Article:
A superwreck involving some 140 cars and 18-wheelers snarled traffic on Interstate 10 west of Beaumont on Thanksgiving Day.
The Beaumont Enterprise reported that four separate wrecks caused the massive pileup in the dense early morning fog. Two people, Vincent and Debra Leggio of Pearland, died, and more than 80 others were injured, at least 12 of them seriously. The Leggios were killed when an 18-wheeler collided with their 2007 Chevrolet SUV.
Thursday morning’s severe fog reduced visibility to one-eighth of a mile on the roadway. It was so thick that deputies didn’t initially realize how large the wreck was. But as it became clearer, Jefferson County Sheriff’s Office Deputy Rod Carroll told the Enterprise that the scale of the wreck was “catastrophic.” “I’ve got cars on top of cars,” he said.
The collision did yield more than a few good Samaritans, the Enterprise reported:
Carroll said uninjured drivers tried to help as authorities sorted through the wreckage.
“It’s just people helping people,” Carroll said. “The foremost thing in this holiday season is how other travelers were helping us when we were overwhelmed, sitting and holding, putting pressure on people that were injured.”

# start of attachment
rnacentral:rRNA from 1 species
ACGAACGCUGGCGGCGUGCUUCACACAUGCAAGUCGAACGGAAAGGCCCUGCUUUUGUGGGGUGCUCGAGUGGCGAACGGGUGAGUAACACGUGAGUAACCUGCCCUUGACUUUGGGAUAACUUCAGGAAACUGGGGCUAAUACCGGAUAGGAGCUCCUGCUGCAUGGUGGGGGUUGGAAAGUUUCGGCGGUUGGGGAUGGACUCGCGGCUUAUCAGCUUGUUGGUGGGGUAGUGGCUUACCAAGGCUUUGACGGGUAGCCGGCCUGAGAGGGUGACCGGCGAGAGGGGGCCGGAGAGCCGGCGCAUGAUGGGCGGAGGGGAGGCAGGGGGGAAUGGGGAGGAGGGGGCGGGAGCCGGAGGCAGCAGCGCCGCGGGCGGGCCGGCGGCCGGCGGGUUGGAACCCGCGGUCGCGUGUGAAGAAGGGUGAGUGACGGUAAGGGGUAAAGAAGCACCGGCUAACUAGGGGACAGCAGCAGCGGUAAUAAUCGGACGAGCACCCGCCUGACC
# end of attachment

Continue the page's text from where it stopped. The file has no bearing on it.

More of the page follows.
A Christian Science Monitor story pegged to the wreck pondered whether 18-wheelers should be forced to slow down on Texas’s roads:
While statistics show that more than two-thirds of truck-passenger car crashes are the fault of the motorist, not the trucker, Texas authorities have confirmed that it was a tractor trailer that crashed into the SUV of a Pearland, Tex., couple that were killed in the massive Thanksgiving pileup. Truckers commenting on the crash also noted the prominence of several other tractor trailers in news pictures. The scene was chaos, with first responders overwhelmed and those unhurt from the crash scrambling to help survivors, many of them bleeding and at least 10 critically injured.
Drivers weighing in on the accident on various comment boards lamented the possible cultural dynamics of the crash. “Unless you’ve ever traveled here [in Texas], it’s hard for anyone to imagine how fast drivers in this state actually go,” one commenter wrote.
It’s worth noting that the last day Texas saw no traffic-related fatality was more than twelve years ago, on November 7, 2000. Since then, more than 41,000 people have died on Texas roads.